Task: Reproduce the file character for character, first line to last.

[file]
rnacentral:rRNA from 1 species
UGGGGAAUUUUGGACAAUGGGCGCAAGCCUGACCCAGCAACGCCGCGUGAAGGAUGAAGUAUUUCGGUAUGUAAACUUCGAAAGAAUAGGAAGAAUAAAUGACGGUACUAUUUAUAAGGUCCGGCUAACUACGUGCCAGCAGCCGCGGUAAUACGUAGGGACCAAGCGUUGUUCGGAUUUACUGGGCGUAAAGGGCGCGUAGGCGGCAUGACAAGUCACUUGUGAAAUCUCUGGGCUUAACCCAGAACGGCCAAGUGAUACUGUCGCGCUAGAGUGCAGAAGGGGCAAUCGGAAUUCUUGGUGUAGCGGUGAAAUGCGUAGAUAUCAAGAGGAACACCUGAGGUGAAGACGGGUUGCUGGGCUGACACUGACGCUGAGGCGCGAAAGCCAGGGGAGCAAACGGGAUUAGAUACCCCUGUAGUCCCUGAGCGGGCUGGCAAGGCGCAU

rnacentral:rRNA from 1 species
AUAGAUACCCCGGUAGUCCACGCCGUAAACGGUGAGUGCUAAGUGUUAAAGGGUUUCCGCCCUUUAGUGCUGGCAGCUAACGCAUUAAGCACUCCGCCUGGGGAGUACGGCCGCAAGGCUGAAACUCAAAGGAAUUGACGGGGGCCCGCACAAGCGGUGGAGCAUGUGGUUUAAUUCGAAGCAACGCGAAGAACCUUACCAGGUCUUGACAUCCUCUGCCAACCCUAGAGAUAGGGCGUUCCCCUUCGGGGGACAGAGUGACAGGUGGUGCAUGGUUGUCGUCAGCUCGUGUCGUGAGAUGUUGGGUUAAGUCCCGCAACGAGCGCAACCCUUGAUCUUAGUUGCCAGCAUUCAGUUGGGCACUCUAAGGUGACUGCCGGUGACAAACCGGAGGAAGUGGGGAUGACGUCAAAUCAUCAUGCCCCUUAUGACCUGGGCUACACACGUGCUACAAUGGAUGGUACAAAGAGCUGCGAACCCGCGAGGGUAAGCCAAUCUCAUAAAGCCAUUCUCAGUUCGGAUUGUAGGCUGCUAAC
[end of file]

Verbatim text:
rnacentral:rRNA from 1 species
UGGGGAAUUUUGGACAAUGGGCGCAAGCCUGACCCAGCAACGCCGCGUGAAGGAUGAAGUAUUUCGGUAUGUAAACUUCGAAAGAAUAGGAAGAAUAAAUGACGGUACUAUUUAUAAGGUCCGGCUAACUACGUGCCAGCAGCCGCGGUAAUACGUAGGGACCAAGCGUUGUUCGGAUUUACUGGGCGUAAAGGGCGCGUAGGCGGCAUGACAAGUCACUUGUGAAAUCUCUGGGCUUAACCCAGAACGGCCAAGUGAUACUGUCGCGCUAGAGUGCAGAAGGGGCAAUCGGAAUUCUUGGUGUAGCGGUGAAAUGCGUAGAUAUCAAGAGGAACACCUGAGGUGAAGACGGGUUGCUGGGCUGACACUGACGCUGAGGCGCGAAAGCCAGGGGAGCAAACGGGAUUAGAUACCCCUGUAGUCCCUGAGCGGGCUGGCAAGGCGCAU

rnacentral:rRNA from 1 species
AUAGAUACCCCGGUAGUCCACGCCGUAAACGGUGAGUGCUAAGUGUUAAAGGGUUUCCGCCCUUUAGUGCUGGCAGCUAACGCAUUAAGCACUCCGCCUGGGGAGUACGGCCGCAAGGCUGAAACUCAAAGGAAUUGACGGGGGCCCGCACAAGCGGUGGAGCAUGUGGUUUAAUUCGAAGCAACGCGAAGAACCUUACCAGGUCUUGACAUCCUCUGCCAACCCUAGAGAUAGGGCGUUCCCCUUCGGGGGACAGAGUGACAGGUGGUGCAUGGUUGUCGUCAGCUCGUGUCGUGAGAUGUUGGGUUAAGUCCCGCAACGAGCGCAACCCUUGAUCUUAGUUGCCAGCAUUCAGUUGGGCACUCUAAGGUGACUGCCGGUGACAAACCGGAGGAAGUGGGGAUGACGUCAAAUCAUCAUGCCCCUUAUGACCUGGGCUACACACGUGCUACAAUGGAUGGUACAAAGAGCUGCGAACCCGCGAGGGUAAGCCAAUCUCAUAAAGCCAUUCUCAGUUCGGAUUGUAGGCUGCUAAC